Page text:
By Glenn Alderson
Nov. 14 – 17, 2018
The same way the first cigarette of the day really opens the mouth up, there’s something about the first snowfall of the year that truly heightens your senses. It wasn’t more than three hours of being on the ground in Montreal for their annual M For Montreal music event before that big scary white stuff started to fall out of the sky. And while things were certainly chilly outside, things were heating up inside for the first evening’s gatherings of local, national and international delegates.
The purpose of M For Montreal has always been to bring a generous mix of music industry professionals from all over the world to their doorstep to mix, mingle and take in the sights and sounds that the city’s boisterous music community has to offer. They also use it as a platform to showcase international artists through partnerships they have meticulously forged over the years with various music organizations.
2018 saw a decline in the more high profile shows that they’ve aligned themselves with in the past, but instead focused on the discovery element, which is actually great because that’s really what it’s all about. When you’re in the music industry, you don’t want to be rubbing shoulders with all the normal people at the sold out Kendrick concert, you want to be one of the first to bare witness to that next big thing. And that’s why everyone was packed in to La Sala Rossa and Casa Del Popolo, two adjacent venues located in the cities Mile End area, on this chilly Wednesday night.
Throughout the evening, M attendees were treated to a mix of some genuinely impressive Canadian talent. Kicking off the night at the Godspeed You! Black Emperor owned Casa Del Popolo was Lost Cousins, a straightforward indie band hailing from Toronto with keyboard and lots of those atmospheric swirls everyone keeps talking about. These guys recently released a single called “Stay” via Pheremone Recordings but it was already time to “Leave” and head across the street to see The Garrys. No actual Garrys in site from what I could tell, but this Saskatoon-based sister trio were dialled in to that reverb drenched surfy garage rock sound that would be perfectly at home on a label like Sub Pop’s Hardly Art imprint. Following shortly behind was the almighty queer identifying rock ‘n’ roll trio, Partner. These three pounded some serious pavement in 2018, touring everywhere they could and you could tell. They blasted through their tight set with ease, heavy on the riffage for a packed room of captivated delegates. The night closed out back across the street with Vancouver trio I M U R bringing the songs of their latest album, Thirty33, to life. Frontwoman Jenny Lea has one of the silkiest and dreamiest voices in r&b right now and their west coast vibes were hitting all the right chords. I’m sure it won’t be long before they’re back on the east coast, but first this band is getting ready to embark on their first trip to India.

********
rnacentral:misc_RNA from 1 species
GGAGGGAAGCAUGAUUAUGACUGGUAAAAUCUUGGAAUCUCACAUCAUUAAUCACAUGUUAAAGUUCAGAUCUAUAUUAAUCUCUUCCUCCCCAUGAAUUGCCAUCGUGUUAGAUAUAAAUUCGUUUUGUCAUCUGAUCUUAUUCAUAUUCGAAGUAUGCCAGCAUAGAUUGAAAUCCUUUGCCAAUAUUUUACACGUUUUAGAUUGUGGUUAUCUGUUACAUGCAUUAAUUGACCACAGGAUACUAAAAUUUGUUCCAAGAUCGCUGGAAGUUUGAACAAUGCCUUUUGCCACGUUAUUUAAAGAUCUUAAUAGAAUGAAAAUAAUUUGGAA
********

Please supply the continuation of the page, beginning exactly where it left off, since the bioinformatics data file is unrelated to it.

It sounds strange to say you’re going to a show at a strip club but the space located on top of Cafe Cleopatra, one of Montreal’s oldest sin bins in the city’s old red light district, is actually one of the coolest places I’ve ever seen a band perform. For the most part all the performers remained fully clothed, but the first band up on this particular showcase was Vancouver’s Yung Heazy and it’s understandable why they’d be feeling the pressure to, umm, “take it off.” But rather than take it off, their set just kind of seemed to unravel instead. This band is not the cloud rap artist you maybe would think they were based on their name. Yung Heazy is comprised of frontman Jordan Heaney and his band of Mac Demarco-worshipping slacker rock misfits. They play an interesting brand of heart-on-your-sleeve emo-indie. Songs about girls breaking hearts, songs about comforting girls, getting comforted by girls, songs about going on dates with girls and other such songs about girls. I have NEVER in my life seen a room full of people who watch music, book music and/or play music for a living unanimously agree how much they did not like a band. I heard the most intense criticisms from various people. One delegate even told me that they don’t think they’ve ever seen a more career-ruining performance in their life. Isn’t that so mean?! I mean, maybe it wasn’t their best set but I’m not embarrassed to say, I liked it. They played most of the songs off their 2018 album, Whenever You’re Around I Hate Everything Less, and it was clear that they had fun doing it. The whole band had a good energy and didn’t take themselves too seriously. That’s something you don’t get to see too often. By the end of their set, their bass player was literally doing a strip tease and grinding his butt up against the microphone stand in his underwear — something I could have probably gone without seeing. Maybe that was the final straw for everyone in the end, but you know what? They’ve got almost 200K monthly listeners on Spotify and maybe their demographic just isn’t 30+ music industry types? Either way, they’ve definitely got fans somewhere, so that’s got to count for something. The next day I invited Lil Jordan Heaney to do a photo shoot with our Montreal-based photographer Brooke Dee at her studio, Gallery Parfois. If Yung Heazy was actually a rapper like I first assumed, this is where I would say that I suppose I fuck w him. Go see him for yourself next time he’s in your city and let me know if I’m crazy.
I went across the street after their set for a bit to see a Franco-rap group called Rowjay perform at Club Soda and the energy was high. Let it be known that Quebecois rap is very alive and well and Rowjay is one of the standout acts in the game. Check out his latest single, “Rolls Royce” if you want to sample his French Canadian le swagger.